- Laser Iridotomies done prior to surgery
- Dilating and anesthetic drops
The ICL Procedure:
- The implant surgery is quick and painless, lasting only about 10 – 15 minutes.
- The area around your eyes will be cleaned and a sterile drape may be applied around your eye.
- Eye drops or a local anesthetic will be used to numb your eyes.
- When your eye is completely numb, an eyelid speculum will be placed between our eyelids to keep you from blinking during the procedure.
- The recovery time is short and the results of the surgery are almost immediate.
- Most patients resume normal activities within a week.
Potential ICL risks include:
- Overcorrection: This complication occurs if the prescriptive power of the implanted ICL is too strong. In most cases it can be corrected with corrective eyewear or with an ICL replacement.
- Undercorrection : The opposite of overcorrection, undercorrection is the result of an implantable contact lens with too weak of a prescription.
Correction methods are similar to those of overcorrection.
- Infection During most surgeries, there is a potential of an infection.
- Increased intraocular pressure Pressure may build in the eye after an ICL procedure. The sooner a surgeon is alerted to this, the greater the chance of avoiding serious damage.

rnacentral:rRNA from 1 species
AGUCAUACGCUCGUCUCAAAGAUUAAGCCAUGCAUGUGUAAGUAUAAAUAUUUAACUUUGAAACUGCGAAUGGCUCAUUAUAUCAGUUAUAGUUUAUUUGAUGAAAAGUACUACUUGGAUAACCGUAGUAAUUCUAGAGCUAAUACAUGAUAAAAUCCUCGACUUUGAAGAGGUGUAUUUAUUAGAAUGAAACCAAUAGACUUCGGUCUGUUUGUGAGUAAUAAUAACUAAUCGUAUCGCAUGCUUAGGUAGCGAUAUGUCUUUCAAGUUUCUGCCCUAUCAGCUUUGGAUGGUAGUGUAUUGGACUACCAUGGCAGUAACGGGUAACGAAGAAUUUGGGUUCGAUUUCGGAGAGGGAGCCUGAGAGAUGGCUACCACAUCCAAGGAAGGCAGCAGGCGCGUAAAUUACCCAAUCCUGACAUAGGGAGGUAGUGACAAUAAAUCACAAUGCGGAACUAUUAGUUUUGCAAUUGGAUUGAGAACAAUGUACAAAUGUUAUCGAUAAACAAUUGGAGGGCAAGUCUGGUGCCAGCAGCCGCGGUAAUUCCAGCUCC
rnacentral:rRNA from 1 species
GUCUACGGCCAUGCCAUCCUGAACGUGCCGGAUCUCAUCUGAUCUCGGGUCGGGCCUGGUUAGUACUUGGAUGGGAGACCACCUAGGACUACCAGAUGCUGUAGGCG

- This is detected during your follow up visits with us or in case you face acute blurring of vision or headaches, you must visit the eye clinic
- ICLs have the potential, however slight, of needing to be repositioned.
- Damage to crystalline lens : because implantable contact lenses are implanted into the eye, there is a potential that the eye's natural lens may be damaged during the procedure. If the damage is severe, the crystalline lens may need to be replaced with an intraocular lens.
- Cataract development : Over 50 percent of the population will develop cataracts by the age of 65, however, it is believed that the use of some implantable contact lenses may cause cataracts at an earlier age, this however is rare.
- Halos, glare, and double vision : Updated ICL models greatly diminish the risks of halos, glare, and double vision.
- Retinal detachment : Less than 1 percent of patients in the clinical studies were affected by retinal detachment. It should be noted, however, that the occurrence of retinal detachment increased as the degree of myopia increased.